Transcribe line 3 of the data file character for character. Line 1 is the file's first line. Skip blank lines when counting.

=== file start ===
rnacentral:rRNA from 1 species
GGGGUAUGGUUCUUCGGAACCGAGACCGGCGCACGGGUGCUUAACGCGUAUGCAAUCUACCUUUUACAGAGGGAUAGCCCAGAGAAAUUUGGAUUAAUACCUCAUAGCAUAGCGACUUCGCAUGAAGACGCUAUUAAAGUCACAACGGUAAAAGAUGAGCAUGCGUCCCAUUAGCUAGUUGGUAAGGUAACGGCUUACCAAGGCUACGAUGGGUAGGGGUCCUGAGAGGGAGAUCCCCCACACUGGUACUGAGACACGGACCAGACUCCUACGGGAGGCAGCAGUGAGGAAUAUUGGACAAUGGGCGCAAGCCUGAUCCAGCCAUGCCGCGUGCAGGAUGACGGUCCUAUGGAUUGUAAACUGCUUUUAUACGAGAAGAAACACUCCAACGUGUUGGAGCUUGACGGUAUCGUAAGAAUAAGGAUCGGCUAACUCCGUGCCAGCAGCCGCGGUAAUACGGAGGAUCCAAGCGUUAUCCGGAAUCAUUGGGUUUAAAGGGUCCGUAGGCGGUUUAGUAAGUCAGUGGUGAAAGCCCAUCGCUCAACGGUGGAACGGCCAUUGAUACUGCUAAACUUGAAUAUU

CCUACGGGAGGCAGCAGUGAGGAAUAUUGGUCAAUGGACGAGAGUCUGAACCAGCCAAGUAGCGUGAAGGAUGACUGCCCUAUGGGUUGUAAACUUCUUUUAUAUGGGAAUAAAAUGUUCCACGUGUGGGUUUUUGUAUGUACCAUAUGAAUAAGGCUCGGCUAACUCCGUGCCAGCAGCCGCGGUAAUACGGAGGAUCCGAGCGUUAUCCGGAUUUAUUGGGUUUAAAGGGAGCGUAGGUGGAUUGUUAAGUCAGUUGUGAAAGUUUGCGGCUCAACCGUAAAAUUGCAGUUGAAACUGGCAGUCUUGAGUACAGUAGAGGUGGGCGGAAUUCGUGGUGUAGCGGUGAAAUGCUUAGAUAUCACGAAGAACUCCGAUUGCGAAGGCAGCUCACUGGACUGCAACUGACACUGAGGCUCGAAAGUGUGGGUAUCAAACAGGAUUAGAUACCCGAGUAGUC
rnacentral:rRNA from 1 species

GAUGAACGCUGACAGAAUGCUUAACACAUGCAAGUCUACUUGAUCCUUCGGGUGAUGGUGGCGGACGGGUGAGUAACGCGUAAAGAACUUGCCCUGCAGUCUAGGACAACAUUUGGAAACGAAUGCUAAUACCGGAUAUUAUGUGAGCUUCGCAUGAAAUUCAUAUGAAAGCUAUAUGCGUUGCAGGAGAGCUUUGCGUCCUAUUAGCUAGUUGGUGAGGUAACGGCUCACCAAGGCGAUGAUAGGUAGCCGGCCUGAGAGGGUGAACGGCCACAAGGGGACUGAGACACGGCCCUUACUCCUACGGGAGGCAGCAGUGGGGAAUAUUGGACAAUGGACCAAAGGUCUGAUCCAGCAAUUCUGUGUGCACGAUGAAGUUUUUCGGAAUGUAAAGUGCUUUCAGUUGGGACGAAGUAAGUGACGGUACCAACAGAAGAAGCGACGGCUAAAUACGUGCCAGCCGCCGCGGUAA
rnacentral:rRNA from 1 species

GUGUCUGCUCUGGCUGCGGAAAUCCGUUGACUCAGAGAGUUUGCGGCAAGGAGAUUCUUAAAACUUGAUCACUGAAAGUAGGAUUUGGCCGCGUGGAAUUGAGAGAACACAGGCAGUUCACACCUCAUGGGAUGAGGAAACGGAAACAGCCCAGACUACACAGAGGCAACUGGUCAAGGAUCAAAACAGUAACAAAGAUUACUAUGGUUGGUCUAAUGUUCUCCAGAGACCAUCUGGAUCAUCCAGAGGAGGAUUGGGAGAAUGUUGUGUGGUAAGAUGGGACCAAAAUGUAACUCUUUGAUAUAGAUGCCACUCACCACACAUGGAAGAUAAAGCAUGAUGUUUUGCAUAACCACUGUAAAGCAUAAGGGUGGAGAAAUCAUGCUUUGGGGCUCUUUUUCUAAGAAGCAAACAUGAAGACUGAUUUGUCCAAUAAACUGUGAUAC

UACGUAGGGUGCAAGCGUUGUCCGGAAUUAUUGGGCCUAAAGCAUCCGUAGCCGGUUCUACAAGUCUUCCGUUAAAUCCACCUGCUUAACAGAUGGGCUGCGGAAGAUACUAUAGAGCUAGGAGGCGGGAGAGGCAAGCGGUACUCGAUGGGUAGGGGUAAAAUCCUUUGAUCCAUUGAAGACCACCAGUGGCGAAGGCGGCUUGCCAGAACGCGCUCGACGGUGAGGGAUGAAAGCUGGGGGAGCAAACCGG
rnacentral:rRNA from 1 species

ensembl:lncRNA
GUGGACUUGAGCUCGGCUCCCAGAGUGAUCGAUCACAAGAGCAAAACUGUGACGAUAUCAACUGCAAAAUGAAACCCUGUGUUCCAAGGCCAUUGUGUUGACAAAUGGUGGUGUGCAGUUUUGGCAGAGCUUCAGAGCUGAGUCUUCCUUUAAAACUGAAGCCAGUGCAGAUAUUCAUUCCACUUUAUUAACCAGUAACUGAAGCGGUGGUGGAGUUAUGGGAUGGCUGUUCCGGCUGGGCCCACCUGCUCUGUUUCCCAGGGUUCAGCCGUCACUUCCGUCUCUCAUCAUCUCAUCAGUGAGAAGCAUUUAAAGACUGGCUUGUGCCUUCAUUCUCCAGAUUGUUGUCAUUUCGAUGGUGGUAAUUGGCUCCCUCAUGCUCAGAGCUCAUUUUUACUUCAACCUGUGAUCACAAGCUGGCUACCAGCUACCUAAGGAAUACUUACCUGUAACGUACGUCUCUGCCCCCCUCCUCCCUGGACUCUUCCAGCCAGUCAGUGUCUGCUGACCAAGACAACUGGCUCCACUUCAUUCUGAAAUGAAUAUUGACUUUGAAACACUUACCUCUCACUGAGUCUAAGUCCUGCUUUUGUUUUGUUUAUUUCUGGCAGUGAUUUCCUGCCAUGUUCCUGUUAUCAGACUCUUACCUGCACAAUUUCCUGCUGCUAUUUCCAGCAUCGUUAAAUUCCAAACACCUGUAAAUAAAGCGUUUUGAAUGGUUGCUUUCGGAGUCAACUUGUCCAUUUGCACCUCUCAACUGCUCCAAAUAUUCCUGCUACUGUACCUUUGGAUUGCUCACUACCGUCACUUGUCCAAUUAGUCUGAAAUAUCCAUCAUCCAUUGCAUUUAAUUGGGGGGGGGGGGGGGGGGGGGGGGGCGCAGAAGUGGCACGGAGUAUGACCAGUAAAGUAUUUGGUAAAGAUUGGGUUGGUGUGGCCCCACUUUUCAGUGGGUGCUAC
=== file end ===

CCUACGGGAGGCAGCAGUGAGGAAUAUUGGUCAAUGGACGAGAGUCUGAACCAGCCAAGUAGCGUGAAGGAUGACUGCCCUAUGGGUUGUAAACUUCUUUUAUAUGGGAAUAAAAUGUUCCACGUGUGGGUUUUUGUAUGUACCAUAUGAAUAAGGCUCGGCUAACUCCGUGCCAGCAGCCGCGGUAAUACGGAGGAUCCGAGCGUUAUCCGGAUUUAUUGGGUUUAAAGGGAGCGUAGGUGGAUUGUUAAGUCAGUUGUGAAAGUUUGCGGCUCAACCGUAAAAUUGCAGUUGAAACUGGCAGUCUUGAGUACAGUAGAGGUGGGCGGAAUUCGUGGUGUAGCGGUGAAAUGCUUAGAUAUCACGAAGAACUCCGAUUGCGAAGGCAGCUCACUGGACUGCAACUGACACUGAGGCUCGAAAGUGUGGGUAUCAAACAGGAUUAGAUACCCGAGUAGUC